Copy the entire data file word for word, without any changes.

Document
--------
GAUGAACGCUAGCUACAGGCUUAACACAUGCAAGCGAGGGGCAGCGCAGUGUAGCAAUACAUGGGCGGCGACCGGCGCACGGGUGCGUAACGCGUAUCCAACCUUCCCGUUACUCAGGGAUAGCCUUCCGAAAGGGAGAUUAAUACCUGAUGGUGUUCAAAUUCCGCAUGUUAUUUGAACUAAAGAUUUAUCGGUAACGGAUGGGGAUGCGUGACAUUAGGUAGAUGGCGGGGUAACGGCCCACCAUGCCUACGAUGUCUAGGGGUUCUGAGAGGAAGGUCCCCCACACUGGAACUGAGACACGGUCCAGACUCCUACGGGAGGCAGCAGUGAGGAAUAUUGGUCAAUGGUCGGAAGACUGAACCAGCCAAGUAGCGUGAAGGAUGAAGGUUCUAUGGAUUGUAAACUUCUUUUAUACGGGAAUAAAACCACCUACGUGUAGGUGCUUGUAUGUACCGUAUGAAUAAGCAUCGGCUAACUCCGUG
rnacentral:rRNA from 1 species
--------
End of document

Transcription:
GAUGAACGCUAGCUACAGGCUUAACACAUGCAAGCGAGGGGCAGCGCAGUGUAGCAAUACAUGGGCGGCGACCGGCGCACGGGUGCGUAACGCGUAUCCAACCUUCCCGUUACUCAGGGAUAGCCUUCCGAAAGGGAGAUUAAUACCUGAUGGUGUUCAAAUUCCGCAUGUUAUUUGAACUAAAGAUUUAUCGGUAACGGAUGGGGAUGCGUGACAUUAGGUAGAUGGCGGGGUAACGGCCCACCAUGCCUACGAUGUCUAGGGGUUCUGAGAGGAAGGUCCCCCACACUGGAACUGAGACACGGUCCAGACUCCUACGGGAGGCAGCAGUGAGGAAUAUUGGUCAAUGGUCGGAAGACUGAACCAGCCAAGUAGCGUGAAGGAUGAAGGUUCUAUGGAUUGUAAACUUCUUUUAUACGGGAAUAAAACCACCUACGUGUAGGUGCUUGUAUGUACCGUAUGAAUAAGCAUCGGCUAACUCCGUG
rnacentral:rRNA from 1 species